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There is just something about a jet…
The governor won headlines for selling the “ultimate symbol of waste and excess,” an executive jet purchased by her predecessor, for less than half its purchase price.
It was an unwise acquisition in the first place, and its fire sale during a recession is questionable, but hey, we’re talking symbols here.
As a corporate public relations person in the 1970s, it was my responsibility to explain the Lear jet purchased and used by executives of PNM, the state’s biggest utility.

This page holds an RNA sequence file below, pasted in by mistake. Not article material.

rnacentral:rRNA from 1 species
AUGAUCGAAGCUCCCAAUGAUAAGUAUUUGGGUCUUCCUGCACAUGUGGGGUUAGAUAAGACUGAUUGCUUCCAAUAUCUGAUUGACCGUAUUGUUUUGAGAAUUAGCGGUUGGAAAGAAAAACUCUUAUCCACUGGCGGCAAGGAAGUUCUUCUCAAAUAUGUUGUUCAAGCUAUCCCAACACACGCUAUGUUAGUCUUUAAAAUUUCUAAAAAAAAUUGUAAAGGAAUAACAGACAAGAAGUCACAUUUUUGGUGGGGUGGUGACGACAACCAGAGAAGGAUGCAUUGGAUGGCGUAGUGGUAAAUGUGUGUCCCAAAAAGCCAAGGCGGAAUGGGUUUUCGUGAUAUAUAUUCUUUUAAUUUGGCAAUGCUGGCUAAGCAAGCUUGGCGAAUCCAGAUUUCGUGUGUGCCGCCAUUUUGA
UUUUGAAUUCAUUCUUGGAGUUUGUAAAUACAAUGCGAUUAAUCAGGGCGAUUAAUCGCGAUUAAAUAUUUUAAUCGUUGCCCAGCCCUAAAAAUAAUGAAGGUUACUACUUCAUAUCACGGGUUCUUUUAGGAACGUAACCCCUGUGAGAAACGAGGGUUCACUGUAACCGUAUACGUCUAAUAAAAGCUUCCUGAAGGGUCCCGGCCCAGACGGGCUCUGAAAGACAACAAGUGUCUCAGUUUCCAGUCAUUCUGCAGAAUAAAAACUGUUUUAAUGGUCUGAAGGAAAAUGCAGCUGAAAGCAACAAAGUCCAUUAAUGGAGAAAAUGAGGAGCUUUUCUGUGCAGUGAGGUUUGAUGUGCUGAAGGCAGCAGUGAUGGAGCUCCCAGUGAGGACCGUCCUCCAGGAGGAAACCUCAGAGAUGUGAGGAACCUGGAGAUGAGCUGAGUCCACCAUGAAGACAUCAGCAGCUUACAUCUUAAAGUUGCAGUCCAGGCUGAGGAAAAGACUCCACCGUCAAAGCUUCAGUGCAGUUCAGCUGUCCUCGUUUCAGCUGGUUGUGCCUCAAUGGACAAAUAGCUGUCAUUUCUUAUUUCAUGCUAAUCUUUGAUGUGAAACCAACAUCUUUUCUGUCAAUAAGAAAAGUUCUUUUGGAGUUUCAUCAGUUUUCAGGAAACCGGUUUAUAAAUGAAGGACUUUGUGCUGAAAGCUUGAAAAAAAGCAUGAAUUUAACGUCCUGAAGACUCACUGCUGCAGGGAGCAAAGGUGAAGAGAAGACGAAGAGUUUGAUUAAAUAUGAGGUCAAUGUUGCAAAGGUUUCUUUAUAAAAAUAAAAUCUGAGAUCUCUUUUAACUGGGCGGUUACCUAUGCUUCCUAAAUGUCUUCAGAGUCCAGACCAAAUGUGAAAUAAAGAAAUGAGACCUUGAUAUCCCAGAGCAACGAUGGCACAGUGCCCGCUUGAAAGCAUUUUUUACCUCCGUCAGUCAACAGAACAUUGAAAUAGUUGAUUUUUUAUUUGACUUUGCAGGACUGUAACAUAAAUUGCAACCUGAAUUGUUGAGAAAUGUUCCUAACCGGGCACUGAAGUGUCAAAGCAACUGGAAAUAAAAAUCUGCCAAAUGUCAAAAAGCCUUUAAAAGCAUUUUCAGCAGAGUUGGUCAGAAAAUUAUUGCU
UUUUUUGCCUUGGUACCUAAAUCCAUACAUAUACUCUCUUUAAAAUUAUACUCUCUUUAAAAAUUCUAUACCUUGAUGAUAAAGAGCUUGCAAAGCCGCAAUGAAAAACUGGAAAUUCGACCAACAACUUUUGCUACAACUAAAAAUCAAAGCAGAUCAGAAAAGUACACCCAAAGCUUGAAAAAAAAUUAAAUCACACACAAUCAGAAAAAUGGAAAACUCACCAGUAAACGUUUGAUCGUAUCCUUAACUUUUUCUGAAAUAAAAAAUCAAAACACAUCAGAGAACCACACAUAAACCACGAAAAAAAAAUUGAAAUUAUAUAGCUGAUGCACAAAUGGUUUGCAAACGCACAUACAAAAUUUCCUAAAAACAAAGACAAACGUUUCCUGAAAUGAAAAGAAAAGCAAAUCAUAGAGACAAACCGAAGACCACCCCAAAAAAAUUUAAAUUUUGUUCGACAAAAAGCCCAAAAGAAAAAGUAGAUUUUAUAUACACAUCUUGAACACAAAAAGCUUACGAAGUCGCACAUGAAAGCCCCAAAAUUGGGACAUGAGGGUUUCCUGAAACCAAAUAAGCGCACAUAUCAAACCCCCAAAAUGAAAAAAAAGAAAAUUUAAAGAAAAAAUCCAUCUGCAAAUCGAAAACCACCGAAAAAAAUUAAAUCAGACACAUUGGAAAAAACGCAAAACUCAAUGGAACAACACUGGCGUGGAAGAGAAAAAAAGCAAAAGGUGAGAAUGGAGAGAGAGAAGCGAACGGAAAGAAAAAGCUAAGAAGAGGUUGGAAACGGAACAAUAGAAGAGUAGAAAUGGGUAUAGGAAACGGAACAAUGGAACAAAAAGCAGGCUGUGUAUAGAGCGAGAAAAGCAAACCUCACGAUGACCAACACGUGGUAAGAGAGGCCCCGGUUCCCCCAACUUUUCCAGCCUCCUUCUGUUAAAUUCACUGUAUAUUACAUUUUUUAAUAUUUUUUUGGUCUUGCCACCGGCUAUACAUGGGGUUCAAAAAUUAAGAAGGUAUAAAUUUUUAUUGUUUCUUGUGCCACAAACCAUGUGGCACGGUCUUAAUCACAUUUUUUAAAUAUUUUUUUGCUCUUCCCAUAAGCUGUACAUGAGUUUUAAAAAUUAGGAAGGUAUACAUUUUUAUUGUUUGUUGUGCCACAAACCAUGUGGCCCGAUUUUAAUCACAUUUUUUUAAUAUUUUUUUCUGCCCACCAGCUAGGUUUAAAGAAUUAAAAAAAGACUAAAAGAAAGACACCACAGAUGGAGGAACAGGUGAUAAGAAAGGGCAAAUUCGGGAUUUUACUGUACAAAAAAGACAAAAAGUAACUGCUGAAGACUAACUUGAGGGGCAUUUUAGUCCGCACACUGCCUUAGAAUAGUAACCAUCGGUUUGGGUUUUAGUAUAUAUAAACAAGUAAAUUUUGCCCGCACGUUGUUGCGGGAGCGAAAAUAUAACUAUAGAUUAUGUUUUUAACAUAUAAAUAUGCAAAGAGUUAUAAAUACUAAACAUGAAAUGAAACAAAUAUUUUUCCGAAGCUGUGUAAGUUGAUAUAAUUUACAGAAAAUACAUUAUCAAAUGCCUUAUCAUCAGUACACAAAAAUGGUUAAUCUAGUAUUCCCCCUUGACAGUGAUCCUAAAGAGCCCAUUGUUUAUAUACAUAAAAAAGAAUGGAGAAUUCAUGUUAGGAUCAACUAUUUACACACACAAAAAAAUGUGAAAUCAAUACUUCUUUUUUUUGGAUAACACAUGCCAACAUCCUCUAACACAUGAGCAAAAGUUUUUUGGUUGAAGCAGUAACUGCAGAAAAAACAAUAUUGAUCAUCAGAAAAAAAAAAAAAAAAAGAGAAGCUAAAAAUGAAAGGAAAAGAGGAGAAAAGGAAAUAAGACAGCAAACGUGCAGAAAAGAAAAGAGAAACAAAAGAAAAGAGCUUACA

Management saw it as a tool. Long before cell phones and laptops, their frequent trips east to raise money meant they were difficult to reach, and the prevailing concern was to minimize their time away.
However, the public and media saw it as an unconscionable luxury at a time rates were rising.
Even though the cost was a flyspeck in the bottom line, it just looked bad.
This kind of tunnel vision seems to be a weakness in a lot of leaders.
Former Gov. Bill Richardson’s insistence on buying the jet in 2005 over public objections may be seen as an early sign of an otherwise savvy politician’s loss of touch with the people.
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